Tag Archives: amsterdam

Adventures in Amsterdam + Love in Limburg



First Impressions

After months of planning and almost a year anticipating, it was finally time for us to fly to Amsterdam from Pearson Airport in Toronto. We landed in Schiphol Airport around 1 pm on Monday, August 22nd. Let me just quickly say that I loved Schiphol airport. I’ve done my fair share of airport hopping (what with travelling to the US & Asia) and Schiphol is probably my favourite so far. It’s super easy to navigate, very well-organized plus it has a ton of cool shops and nice restaurants, some of which are open 24/7.

The number one great thing about Schiphol is that you can take a train from the airport to Amsterdam in 20 minutes. So we did just that and found ourselves in Amsterdam Central Station. As soon as we got out of the station, we got our first glimpse of the city. It was gorgeous. From buildings to the canals, everywhere we turned was picturesque.


We made our way to our base for the next two and a half days: Hotel Die Port van Cleve. For Keith’s very first European destination, I decided to splurge and book us a nice hotel that is central to everything. We can’t say enough great things about the service at this hotel. They went above and beyond to make sure we had everything we needed during our stay. They even helped us when Keith needed to see a tourist doctor for his toe. Long story short: it hurt to walk so he got it checked and the wonderful doctor prescribed a treatment that helped him survive the large portion of our trip spent walking around.

Fun fact about our hotel: it is the site of the first Heineken brewery built in 1864 before it was moved to its present-day location. They have a nice restaurant that we did not try and a more casual bar. Another quirky interesting about this hotel is the Delft blue artwork found everywhere: from the toiletries to above our bed to the world’s largest Delft blue tile tableau in the bar.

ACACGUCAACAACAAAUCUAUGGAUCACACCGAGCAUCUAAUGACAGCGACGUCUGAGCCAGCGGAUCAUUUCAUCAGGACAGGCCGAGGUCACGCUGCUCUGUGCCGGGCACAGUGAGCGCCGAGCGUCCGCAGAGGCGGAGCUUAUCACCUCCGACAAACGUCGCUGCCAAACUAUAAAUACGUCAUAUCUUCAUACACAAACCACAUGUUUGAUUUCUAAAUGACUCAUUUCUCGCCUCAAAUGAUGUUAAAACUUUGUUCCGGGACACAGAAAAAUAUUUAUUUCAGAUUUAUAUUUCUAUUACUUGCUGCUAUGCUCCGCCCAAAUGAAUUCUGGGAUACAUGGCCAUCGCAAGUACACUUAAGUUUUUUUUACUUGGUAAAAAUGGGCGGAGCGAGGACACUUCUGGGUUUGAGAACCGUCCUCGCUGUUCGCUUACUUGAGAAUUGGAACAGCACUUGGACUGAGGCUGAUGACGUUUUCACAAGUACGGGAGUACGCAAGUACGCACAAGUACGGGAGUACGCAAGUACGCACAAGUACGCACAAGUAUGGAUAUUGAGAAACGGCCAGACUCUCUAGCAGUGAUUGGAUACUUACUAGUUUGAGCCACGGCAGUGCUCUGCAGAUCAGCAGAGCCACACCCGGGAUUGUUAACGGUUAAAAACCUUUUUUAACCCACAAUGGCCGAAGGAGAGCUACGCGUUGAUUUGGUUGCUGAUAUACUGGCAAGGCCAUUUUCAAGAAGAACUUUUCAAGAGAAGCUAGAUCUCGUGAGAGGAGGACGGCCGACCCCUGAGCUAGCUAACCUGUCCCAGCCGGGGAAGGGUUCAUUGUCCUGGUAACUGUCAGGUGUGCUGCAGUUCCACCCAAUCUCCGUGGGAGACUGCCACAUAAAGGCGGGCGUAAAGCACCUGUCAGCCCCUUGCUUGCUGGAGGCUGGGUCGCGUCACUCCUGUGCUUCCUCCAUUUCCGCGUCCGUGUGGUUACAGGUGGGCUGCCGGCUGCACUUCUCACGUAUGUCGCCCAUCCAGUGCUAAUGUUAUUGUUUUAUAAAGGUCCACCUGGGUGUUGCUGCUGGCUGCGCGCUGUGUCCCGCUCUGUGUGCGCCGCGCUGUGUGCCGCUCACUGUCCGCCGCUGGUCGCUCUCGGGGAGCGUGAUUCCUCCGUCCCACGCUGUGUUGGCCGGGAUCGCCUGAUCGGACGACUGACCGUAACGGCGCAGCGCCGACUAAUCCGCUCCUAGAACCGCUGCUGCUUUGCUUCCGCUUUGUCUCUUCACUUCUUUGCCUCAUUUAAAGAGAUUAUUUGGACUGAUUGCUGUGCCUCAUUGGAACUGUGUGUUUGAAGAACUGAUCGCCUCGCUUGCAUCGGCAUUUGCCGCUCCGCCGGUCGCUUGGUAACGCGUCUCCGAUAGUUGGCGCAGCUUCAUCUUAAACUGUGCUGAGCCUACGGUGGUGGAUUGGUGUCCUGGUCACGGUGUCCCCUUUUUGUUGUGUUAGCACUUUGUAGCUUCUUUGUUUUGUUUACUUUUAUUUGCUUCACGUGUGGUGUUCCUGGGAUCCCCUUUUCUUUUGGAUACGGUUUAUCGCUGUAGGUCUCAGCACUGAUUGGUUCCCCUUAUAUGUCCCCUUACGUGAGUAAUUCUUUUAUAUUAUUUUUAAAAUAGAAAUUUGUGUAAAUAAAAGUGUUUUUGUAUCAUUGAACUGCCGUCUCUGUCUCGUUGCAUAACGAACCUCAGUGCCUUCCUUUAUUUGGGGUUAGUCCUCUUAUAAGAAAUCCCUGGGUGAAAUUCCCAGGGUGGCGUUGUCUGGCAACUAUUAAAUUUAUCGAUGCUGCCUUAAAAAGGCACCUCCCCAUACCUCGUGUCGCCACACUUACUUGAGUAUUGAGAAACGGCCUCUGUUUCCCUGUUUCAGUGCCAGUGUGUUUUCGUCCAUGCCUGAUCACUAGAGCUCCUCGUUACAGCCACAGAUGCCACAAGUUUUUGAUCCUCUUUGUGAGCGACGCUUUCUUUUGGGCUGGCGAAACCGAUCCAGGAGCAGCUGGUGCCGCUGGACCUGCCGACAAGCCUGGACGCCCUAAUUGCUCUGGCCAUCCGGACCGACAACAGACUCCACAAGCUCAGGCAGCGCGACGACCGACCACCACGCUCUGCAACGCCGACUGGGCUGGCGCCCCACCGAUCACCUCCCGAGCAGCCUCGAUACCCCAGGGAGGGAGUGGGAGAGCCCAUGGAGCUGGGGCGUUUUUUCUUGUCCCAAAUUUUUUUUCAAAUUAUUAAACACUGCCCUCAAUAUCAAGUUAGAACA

Getting Around

Cycling is king in Amsterdam but I had no faith in my biking skills so we decided to walk everywhere. Since I was saving my cell phone roaming for Paris where we were actually meeting up with friends, we had to rely on a physical map of the city to get around. It wasn’t easy because of several factors: a) My not-so-stellar sense of direction, b) Years of relying on Google Maps made me forget how to use an actual map and c) The spider web-like way Amsterdam and its canals are set up did not help. Another thing we quickly realized was that everything was always much closer than we thought. Street blocks weren’t as big as the ones in North America, so on the map it would look like something was very far away when in reality it was right beside you. But as our friend Chris told us, Amsterdam is super compact and after the second day, we were able to navigate the streets comfortably, or at least I was. Keith’s usually good sense of direction was not compatible with the canals.



On our first day there, we had time to go to the Van Gogh museum before they closed. My mom, the biggest Van Gogh fan I know, would have been very disappointed if I hadn’t gone. I enjoyed the Van Gogh museum more than Keith did. His issue was that some of the more famous paintings such as Starry Night and Café Terrance at Night aren’t even housed in it plus it contained paintings that weren’t by Van Gogh. It still houses the largest collection of paintings and drawing by Van Gogh so I consider it a must-see. I really liked the way the museum was laid out. Each floor corresponds to a period in Van Gogh’s life. Some things to keep in mind: the tickets are issued for specific time slots and you cannot take photos of the paintings but there are designated social media areas.

We woke up early on day two to cross out the number one thing on Keith’s list: the Rijksmuseum. The building itself is a work of art from the impressive exterior to the beautiful interior. While all the different works of art inside were super interesting, the main reason we were there can be found in the Gallery of Honour: four of Johannes Vermeer’s paintings. Keith has been fascinated by Vermeers since he watched the documentary Tim’s Vermeer, so we spent a large chunk of our time there. Of course, we had to admire the museum’s pièce de resistance: Rembrandt’s Night Watch. My one regret was not being able to visit the library. Also for such an impressive museum, their gift shop was smaller than the ones at Van Gogh’s.IMG_6751.jpg